Mar 2006 Journal

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Peoples, cars and people's cars

The 70th anniversary of the production in 1936 of the VW3, the prototype of the Volkswagen, underlies the historical irony that an industrial product so closely associated with National Socialism and Hitler personally should have become an icon of the anti-war left in 1960s America. Readers of a mawkish disposition will recall that it even metamorphosed into the 'Love Bug' in the Disney film Herbie.

In 1933 Hitler discussed with the engineer Ferdinand Porsche his idea of a Volkswagen, a people's car that could carry five people and cruise at 100 kph, was economical on fuel, and cost only 1,000 Reichsmark. Porsche's ideas for a small car dovetailed with Hitler's vision of a car available to all Germans and so the sturdy little Beetle with its air-cooled, rear-mounted engine was born.

But the cloven hoof of Nazism was evident from the start. Control of the company that produced the prototype was vested in the Deutsche Arbeitsfront, the Nazi organisation into which German workers had been dragooned after the abolition of free trade unions in 1933. In 1938 Hitler renamed the car KdF-Wagen, absorbing it into the 'Kraft durch Freude' (Strength through Joy) programme that sought to bribe German workers into supporting the regime with consumer goods, sea cruises and the like.

The Volkswagen was unmistakeably spawned by the Nazi state, part of its campaign to woo the masses and later of its war effort, where it was known as the K-Wagen or Kübelwagen beloved of the Wehrmacht. One can argue that Volkswagen was a brand as heavily contaminated by its association with Nazism as Messerschmidt or Heinkel. A product from the same stable as Stuka dive-bombers and V-1 flying bombs could easily have had an image problem, for Doodlebug and 'Love Bug' were in reality kindred beetles.

In the 1950s though the Volkswagen became the prime symbol of the affluence that spread across West Germany in the wake of the Wirtschaftswunder, the economic wonder that apparently united German society by dispensing consumer prosperity across the classes. The Beetle exemplified West Germany's attempts to efface the crimes of its recent past by reinventing itself as a democratic, egalitarian society where technological advances and economic efficiency worked to the advantage of the people as A whole. The parliamentary democracy of the Bonn regime was underpinned by the economic democracy of a system where the German people shared in the prosperity the German people had created.

This comes close to the concept of the people common in Western parliamentary democracies where in theory all citizens, regardless of class, wealth or rank, have equal rights and participate on an equal basis in the political process, a concept enshrined at the dawn of democracy in the constitutions of the newly independent USA and revolutionary France. But 'le peuple français' meant not only the newly enfranchised French masses seeking to assert their democratic rights against the hierarchy of king and nobility, as a self-governing, autonomous people. It also meant the French nation that, having established itself as sovereign in its own lands, sought to assert its sense of national ascendancy as 'la grande nation' and unleashed 290 years of war on Europe.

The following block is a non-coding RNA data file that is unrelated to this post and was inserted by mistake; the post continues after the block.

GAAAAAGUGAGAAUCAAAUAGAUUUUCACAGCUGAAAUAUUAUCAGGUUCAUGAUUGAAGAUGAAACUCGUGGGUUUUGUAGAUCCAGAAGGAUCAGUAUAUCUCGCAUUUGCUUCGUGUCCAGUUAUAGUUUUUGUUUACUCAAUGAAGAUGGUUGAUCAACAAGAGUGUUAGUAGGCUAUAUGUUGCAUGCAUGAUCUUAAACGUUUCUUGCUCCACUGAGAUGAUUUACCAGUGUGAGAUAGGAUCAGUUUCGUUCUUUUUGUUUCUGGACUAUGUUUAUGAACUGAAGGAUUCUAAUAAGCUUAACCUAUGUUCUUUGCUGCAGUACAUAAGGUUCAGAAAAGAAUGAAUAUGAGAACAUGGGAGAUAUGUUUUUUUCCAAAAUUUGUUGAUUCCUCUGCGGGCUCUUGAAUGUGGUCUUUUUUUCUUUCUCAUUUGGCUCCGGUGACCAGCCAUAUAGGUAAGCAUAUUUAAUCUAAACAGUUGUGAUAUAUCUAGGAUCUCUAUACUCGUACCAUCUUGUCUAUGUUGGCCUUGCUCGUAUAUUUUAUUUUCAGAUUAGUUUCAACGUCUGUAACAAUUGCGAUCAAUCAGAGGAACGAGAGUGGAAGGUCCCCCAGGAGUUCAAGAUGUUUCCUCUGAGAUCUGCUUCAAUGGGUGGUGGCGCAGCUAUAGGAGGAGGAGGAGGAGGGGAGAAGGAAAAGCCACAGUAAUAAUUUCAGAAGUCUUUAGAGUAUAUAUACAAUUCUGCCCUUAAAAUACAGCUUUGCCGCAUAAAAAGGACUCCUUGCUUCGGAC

When nationhood came to Germany in 1871 in the wake of Bismarck's victories over Austria and France, the democratic, popular element in the concept of the 'Volk' weakened further as Western, liberal notion of the 'the people' lost ground in face of the increasingly aggressive self-image of Germans as a powerful, expansionist national group. The bombastic words engraved on the new Reichstag building, 'Dem Deutschen Volke', expressed a new sense of national unity and identity forged not from a liberal consensus out of the democratic process but on the battlefield out of conquest and a dangerous illusion of national superiority.

With the advent of racial ideology in the later nineteenth century, the identification of the Volk with the national unity escalated into the exclusive notion of the pure Germanic race 'cleaned' of any alleged impurity of blood or birth deriving from other, 'inferior' racial groups. From this emerged the Nazi concept of the Volksgemeinschaft or 'people's community', a term stripped of any popular democratic connotations and denoting instead a racial collective organised on totalitarian lines and bound together by mythical ties of 'blood and soil'- groups what supposedly threatened its racial purity and health, Jews for example or the disabled, had to be eliminated.

Thus was the concept of the 'Volk' corrupted, as extreme nationalism culminated in the pseudo-popular system of the Nazi racial state. The Führer's 'people's car' was intended only for a select racial group, though that was obscured post-war by the huge success of the Volkswagen in export markets worldwide. Eventually it overtook the Model T Ford as the bestselling model of all time and drove its principal European competitor, the British motor industry, into terminal decline. One crumb of consolation for supporters of British manufacturing industry: the recently revamped version of the Beetle is plainly inferior to the revamped Mini, which is produced on the dire of the Morris plant in Cowley, Oxford - by BMW.
Anthony Grenville`

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